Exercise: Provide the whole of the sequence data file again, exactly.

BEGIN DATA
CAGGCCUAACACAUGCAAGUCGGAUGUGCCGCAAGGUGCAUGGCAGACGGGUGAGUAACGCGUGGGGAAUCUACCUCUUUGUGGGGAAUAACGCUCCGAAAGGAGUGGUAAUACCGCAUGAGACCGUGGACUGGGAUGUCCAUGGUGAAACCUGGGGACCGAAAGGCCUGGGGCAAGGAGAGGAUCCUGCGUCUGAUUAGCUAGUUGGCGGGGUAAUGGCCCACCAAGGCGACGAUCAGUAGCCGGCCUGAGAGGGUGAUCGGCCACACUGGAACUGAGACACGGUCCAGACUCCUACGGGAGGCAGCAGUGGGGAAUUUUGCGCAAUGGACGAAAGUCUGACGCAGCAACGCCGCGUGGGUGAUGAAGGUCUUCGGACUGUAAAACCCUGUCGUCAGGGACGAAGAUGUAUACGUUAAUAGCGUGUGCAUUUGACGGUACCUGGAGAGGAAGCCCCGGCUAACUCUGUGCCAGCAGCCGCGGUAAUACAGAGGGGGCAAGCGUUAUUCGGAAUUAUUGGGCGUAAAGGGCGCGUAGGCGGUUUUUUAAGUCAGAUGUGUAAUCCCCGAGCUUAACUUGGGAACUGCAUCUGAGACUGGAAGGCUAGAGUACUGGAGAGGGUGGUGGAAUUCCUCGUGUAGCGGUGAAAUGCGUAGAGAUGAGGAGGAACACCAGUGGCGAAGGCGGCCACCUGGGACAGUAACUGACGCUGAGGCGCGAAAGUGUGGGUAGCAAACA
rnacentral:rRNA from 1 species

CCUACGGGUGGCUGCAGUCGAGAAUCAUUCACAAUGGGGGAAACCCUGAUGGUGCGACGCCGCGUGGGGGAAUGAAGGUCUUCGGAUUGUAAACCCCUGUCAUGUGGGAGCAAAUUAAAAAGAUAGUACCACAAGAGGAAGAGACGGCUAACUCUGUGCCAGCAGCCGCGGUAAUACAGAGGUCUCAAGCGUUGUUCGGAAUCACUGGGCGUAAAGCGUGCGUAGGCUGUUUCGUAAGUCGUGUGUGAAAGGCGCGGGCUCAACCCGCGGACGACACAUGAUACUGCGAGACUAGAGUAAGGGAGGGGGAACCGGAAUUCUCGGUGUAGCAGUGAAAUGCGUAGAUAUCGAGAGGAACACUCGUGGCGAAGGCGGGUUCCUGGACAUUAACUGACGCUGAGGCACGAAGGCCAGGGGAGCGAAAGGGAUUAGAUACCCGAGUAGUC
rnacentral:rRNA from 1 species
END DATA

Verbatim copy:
CAGGCCUAACACAUGCAAGUCGGAUGUGCCGCAAGGUGCAUGGCAGACGGGUGAGUAACGCGUGGGGAAUCUACCUCUUUGUGGGGAAUAACGCUCCGAAAGGAGUGGUAAUACCGCAUGAGACCGUGGACUGGGAUGUCCAUGGUGAAACCUGGGGACCGAAAGGCCUGGGGCAAGGAGAGGAUCCUGCGUCUGAUUAGCUAGUUGGCGGGGUAAUGGCCCACCAAGGCGACGAUCAGUAGCCGGCCUGAGAGGGUGAUCGGCCACACUGGAACUGAGACACGGUCCAGACUCCUACGGGAGGCAGCAGUGGGGAAUUUUGCGCAAUGGACGAAAGUCUGACGCAGCAACGCCGCGUGGGUGAUGAAGGUCUUCGGACUGUAAAACCCUGUCGUCAGGGACGAAGAUGUAUACGUUAAUAGCGUGUGCAUUUGACGGUACCUGGAGAGGAAGCCCCGGCUAACUCUGUGCCAGCAGCCGCGGUAAUACAGAGGGGGCAAGCGUUAUUCGGAAUUAUUGGGCGUAAAGGGCGCGUAGGCGGUUUUUUAAGUCAGAUGUGUAAUCCCCGAGCUUAACUUGGGAACUGCAUCUGAGACUGGAAGGCUAGAGUACUGGAGAGGGUGGUGGAAUUCCUCGUGUAGCGGUGAAAUGCGUAGAGAUGAGGAGGAACACCAGUGGCGAAGGCGGCCACCUGGGACAGUAACUGACGCUGAGGCGCGAAAGUGUGGGUAGCAAACA
rnacentral:rRNA from 1 species

CCUACGGGUGGCUGCAGUCGAGAAUCAUUCACAAUGGGGGAAACCCUGAUGGUGCGACGCCGCGUGGGGGAAUGAAGGUCUUCGGAUUGUAAACCCCUGUCAUGUGGGAGCAAAUUAAAAAGAUAGUACCACAAGAGGAAGAGACGGCUAACUCUGUGCCAGCAGCCGCGGUAAUACAGAGGUCUCAAGCGUUGUUCGGAAUCACUGGGCGUAAAGCGUGCGUAGGCUGUUUCGUAAGUCGUGUGUGAAAGGCGCGGGCUCAACCCGCGGACGACACAUGAUACUGCGAGACUAGAGUAAGGGAGGGGGAACCGGAAUUCUCGGUGUAGCAGUGAAAUGCGUAGAUAUCGAGAGGAACACUCGUGGCGAAGGCGGGUUCCUGGACAUUAACUGACGCUGAGGCACGAAGGCCAGGGGAGCGAAAGGGAUUAGAUACCCGAGUAGUC
rnacentral:rRNA from 1 species